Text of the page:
My Father Holds the Door for Yoko Ono
In New York City for a conference
on weed control, leaving the hotel
in a cluster of horticulturalists,
he alone stops, midwestern, crewcut,
narrow blue tie, cufflinks, wingtips,
holds the door for the Asian woman
in a miniskirt and thigh high
white leather boots. She nods
slightly, a sad and beautiful gesture..
(- by Christopher Chambers , as profiled by
Ted Kooser, US Poet Laureate 2004-2006
Are you ever surprised how a poem can stick in your thoughts? Not in a sad wistful way, nor in a sing-song golightly way. But in a "what was that again?" questioning way.
Just like brushing up against a famous person, a truly famous person... you can't quite grasp it again, but the poem sticks in your memories. My brother and I once ran into the John Glenn, the astronaut. I don't know if he was a senator yet or not - but he certainly was a famous astronaut. Illya and I had decided to spend a hot sticky afternoon riding the elevators in an upscale hotel. Up and down we rode, greeting people at each floor as they entered the spacious elevator. Illya would play 'conductor', pushing the floor buttons for everyone on board. I stood behind all the passengers, not noticable but noticing. It was delightful way to spend our time. Then John Glenn boarded. THE JOHN GLENN. Illya looked at me, I at him, our mouths gaping and weird noises coming out of our lips. I don't remember the rest... and I can't quite capture it again.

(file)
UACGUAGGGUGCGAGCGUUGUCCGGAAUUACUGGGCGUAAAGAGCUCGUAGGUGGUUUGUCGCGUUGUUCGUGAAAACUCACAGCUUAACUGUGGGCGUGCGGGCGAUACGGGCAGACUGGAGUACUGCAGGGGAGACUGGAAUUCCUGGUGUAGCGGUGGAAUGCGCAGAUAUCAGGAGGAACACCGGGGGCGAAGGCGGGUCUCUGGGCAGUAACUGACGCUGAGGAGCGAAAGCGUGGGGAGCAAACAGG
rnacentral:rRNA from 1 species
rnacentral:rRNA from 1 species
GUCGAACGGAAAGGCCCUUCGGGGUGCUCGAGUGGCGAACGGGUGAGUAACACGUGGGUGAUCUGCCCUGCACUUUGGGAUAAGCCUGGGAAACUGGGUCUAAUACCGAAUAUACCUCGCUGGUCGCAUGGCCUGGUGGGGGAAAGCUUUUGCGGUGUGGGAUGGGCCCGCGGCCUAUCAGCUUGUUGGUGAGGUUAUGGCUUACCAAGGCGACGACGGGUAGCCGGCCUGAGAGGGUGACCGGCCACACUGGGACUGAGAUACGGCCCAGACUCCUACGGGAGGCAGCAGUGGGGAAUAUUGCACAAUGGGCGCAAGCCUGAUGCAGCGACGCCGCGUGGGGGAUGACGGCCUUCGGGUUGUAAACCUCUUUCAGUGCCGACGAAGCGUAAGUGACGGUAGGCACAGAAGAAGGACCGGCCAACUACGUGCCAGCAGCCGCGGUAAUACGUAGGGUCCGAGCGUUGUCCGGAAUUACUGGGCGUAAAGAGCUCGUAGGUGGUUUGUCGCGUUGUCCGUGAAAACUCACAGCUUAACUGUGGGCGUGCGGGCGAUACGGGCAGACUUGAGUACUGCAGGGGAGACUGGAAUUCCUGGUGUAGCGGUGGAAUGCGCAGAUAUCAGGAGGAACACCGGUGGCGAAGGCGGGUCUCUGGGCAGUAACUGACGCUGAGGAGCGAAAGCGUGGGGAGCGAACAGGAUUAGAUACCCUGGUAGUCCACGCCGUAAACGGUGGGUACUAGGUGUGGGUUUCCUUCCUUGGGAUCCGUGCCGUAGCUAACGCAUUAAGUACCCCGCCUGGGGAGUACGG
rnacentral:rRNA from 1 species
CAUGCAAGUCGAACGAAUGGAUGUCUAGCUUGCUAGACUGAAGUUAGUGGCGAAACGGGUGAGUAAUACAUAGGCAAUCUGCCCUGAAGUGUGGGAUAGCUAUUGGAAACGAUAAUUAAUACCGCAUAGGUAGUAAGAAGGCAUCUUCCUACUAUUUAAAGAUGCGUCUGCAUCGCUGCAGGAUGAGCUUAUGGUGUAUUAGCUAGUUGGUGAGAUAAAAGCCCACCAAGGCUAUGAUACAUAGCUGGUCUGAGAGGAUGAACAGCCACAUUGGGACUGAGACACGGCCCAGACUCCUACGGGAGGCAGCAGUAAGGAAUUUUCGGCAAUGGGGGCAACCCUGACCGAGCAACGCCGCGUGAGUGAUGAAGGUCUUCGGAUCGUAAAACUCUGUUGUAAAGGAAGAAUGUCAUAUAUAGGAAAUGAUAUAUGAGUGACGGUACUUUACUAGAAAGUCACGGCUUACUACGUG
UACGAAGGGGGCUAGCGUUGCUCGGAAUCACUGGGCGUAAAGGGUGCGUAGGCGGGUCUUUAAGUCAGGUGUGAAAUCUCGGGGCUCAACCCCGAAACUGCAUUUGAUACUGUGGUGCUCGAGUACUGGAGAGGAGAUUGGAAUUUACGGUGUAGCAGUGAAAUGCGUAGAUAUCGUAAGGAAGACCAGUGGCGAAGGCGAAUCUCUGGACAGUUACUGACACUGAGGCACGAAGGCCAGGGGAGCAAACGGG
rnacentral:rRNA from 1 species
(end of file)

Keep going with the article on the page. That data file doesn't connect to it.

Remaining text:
Just like Dad holding the door for Yoko Ono - the moment is gone. Does it really need to be remembered?
And thinking of astronauts... E. and I took Sophie the dog to a festival. Hundreds of people - and every kid asking to pet Sophie. Kids always ask "What is her name?". Their parents ask "What kind of dog is she?" We respond that she is a Gordon setter mix. "A what setter?" We are asked over and over. Gordon. Like in.... Like in Gordon Cooper, the astronaut!!!
That answer doesn't work. "Oh, you mean like Jeffy Gordon?". Everyone knows Jeff Gordon, #24. Except me. I'm sticking to my astronauts.